Does Buying Tech Stocks In 2020, After A Decade Of Gains, Make Sense?

Does Buying Tech Stocks In 2020, After A Decade Of Gains, Make Sense?

Investing.com  | Jan 08, 2020 16:17

Technology stock investors have made fortunes over the past decade. The combined share values represented in the tech-heavy Nasdaq 100 has jumped by more than $7 trillion since 2009, with last year proving to be the best since the decade-long bull run began.

After this remarkable rally, investors are starting the new year wondering whether the fundamentals still justify buying into the behemoths of the tech sector that powered most of it.

In 2019 alone, Apple (NASDAQ:AAPL) almost doubled in value. Microsoft (NASDAQ:MSFT) surged close to 60% and the social media giant Facebook (NASDAQ:FB) jumped some 50%, helping the Nasdaq to pull in its biggest yearly increase since 2009.

Nasdaq 100 Monthly Price Chart

But after this giant leap, investors are concerned that tech stocks have become vulnerable to a sharp downturn and that this business cycle is close to its peak. The uncertain situation could make stocks volatile, even more so if earnings growth fails to justify the rich valuations. The Nasdaq trades at 34 times annual profits, suggesting tech stocks won’t come cheap for those investors planning to enter the market now.

That said, there are still many opportunities for investors who have time on their side and who are able to remain invested over the long-term. For investors who can hold the positions over the next five to ten years, adding some solid tech stocks to their portfolios would not be a bad idea in 2020.

Old Pillars of the Tech World

Among the old pillars of the tech world, we like Microsoft despite its shares trading at a record high after finishing the best year in a decade. This year, the primary point-of-focus for investors should be how Microsoft is performing in the growing cloud computing market where it competes against Amazon (NASDAQ:AMZN) and Alphabet (NASDAQ:GOOGL), Google's parent.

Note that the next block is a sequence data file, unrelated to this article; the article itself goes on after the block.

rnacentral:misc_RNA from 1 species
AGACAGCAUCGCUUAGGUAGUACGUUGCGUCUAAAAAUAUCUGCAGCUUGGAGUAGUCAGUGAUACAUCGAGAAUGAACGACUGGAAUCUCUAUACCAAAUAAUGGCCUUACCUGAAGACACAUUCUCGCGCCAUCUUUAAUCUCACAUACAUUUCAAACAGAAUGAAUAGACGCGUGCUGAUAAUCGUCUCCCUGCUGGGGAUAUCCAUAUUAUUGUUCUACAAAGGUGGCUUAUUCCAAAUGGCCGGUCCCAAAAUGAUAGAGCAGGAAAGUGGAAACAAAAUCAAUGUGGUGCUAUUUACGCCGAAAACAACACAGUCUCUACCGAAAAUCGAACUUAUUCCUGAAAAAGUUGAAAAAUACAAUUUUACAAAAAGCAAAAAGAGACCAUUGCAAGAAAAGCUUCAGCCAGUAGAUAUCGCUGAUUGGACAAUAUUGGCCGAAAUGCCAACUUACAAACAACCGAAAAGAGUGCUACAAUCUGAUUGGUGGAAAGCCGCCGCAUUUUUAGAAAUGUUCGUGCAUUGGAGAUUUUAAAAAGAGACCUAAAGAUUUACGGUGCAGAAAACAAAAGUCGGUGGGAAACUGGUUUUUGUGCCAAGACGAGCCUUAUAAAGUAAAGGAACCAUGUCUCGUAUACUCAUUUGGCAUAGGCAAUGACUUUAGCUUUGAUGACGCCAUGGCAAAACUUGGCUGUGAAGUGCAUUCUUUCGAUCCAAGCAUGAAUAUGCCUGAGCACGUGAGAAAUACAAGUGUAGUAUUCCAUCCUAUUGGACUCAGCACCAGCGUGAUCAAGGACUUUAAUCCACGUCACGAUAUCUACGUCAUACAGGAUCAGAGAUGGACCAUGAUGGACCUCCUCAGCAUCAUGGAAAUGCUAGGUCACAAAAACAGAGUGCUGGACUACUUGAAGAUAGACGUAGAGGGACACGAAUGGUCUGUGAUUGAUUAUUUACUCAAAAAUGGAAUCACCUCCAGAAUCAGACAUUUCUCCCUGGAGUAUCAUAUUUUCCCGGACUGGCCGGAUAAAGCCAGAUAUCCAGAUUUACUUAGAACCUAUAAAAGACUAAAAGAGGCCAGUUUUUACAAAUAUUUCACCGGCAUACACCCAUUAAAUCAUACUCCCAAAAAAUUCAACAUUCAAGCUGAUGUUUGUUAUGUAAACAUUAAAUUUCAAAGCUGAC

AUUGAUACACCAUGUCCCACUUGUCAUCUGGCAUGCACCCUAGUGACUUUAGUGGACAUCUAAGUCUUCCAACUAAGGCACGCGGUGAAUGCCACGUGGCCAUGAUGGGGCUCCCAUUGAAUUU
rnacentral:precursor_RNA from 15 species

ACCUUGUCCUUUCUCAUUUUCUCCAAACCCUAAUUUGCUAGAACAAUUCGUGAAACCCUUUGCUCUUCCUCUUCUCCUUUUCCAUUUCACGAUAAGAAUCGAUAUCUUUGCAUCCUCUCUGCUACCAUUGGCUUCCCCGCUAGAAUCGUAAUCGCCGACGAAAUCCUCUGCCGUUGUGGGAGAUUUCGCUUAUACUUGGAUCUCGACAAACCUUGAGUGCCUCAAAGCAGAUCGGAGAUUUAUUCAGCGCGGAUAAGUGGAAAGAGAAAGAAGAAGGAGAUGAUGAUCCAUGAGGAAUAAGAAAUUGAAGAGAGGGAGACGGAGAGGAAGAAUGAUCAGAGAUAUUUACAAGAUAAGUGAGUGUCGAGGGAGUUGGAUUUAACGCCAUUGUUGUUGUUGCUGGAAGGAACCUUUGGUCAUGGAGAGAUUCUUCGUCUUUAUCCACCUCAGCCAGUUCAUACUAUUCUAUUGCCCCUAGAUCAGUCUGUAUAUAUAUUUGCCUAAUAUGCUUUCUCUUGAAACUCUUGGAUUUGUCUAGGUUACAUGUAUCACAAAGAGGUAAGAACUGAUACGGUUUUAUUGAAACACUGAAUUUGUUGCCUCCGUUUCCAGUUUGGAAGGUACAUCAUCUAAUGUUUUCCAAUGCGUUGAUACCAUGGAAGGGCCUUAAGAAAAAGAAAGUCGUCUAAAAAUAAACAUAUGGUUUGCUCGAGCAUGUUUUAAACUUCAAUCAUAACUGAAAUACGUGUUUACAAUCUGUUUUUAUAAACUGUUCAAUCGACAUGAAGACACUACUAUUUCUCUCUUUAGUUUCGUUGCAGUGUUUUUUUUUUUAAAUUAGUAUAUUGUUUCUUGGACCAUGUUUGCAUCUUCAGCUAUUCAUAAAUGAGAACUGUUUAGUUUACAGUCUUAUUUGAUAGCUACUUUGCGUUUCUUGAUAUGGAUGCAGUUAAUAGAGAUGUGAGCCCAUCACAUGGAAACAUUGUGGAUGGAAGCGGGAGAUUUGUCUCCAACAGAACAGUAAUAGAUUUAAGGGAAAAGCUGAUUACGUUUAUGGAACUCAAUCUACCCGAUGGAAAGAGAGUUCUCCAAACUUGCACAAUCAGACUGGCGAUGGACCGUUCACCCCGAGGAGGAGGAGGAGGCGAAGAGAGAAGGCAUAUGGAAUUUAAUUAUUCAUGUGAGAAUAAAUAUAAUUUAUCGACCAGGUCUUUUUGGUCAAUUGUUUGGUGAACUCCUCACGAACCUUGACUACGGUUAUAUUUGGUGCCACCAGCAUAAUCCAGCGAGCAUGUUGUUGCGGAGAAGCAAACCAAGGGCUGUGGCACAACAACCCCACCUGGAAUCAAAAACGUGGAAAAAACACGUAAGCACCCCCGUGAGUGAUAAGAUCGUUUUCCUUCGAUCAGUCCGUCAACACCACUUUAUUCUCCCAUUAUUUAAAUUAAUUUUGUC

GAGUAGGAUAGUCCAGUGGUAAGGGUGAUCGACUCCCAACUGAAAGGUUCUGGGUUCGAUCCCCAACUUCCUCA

Microsoft Monthly Price Chart

In our view, the adoption of cloud services will be a major driver for Microsoft in the future and the company should be able to expand its margins as this business gains scale. In the past quarter, Microsoft scored the Joint Enterprise Defense Infrastructure, or JEDI, contract to supply its Azure cloud services to the Defense Department, a deal that could be worth up to $10 billion.

Adding to the appeal of Microsoft as an attractive investment during an uncertain economy is its rock-solid dividend and excellent track record on payouts. Since 2004, when the tech giant first began paying a dividend, its disbursement has swelled more than four-fold. Microsoft's current annual dividend yield is 1.29% with a quarterly dividend of $0.51 per share.

Similarly, Apple stock remains in a solid position to reward its long-term investors after outperforming all other megacap technology stocks in 2019 with a gain of 86%, its best year in a decade.

Apple Monthly Price Chart

That momentum might gather pace as the maker of iPhones benefits from the release of its next generation of iPhones that are capable of operating on 5G networks. That's scheduled to happen in the fall.

The company is also expected to release a new low-cost phone in the first half of the year.

In addition to Apple’s great innovation and design capabilities in the cellphone segment, the company’s nearly 1.5 billion user-base and its auxiliary products like the Apple Watch and AirPods are there to produce growth and recurring revenue. That powerful combination, in our view, is what separates this company from other tech stocks.

Bottom Line

It’s almost impossible to predict what a new year will bring for investors in stocks. The majority of analysts, however, agree on one point: it won’t be a repeat of 2019 when virtually every major asset class delivered once-in-a-decade returns. For investors in high-growth, or risky stocks, sticking with solid megacaps that generate strong recurring revenues and are in a good position to withstand any economic shock is a strategy that should work — especially when the upside is limited.

Investing.com

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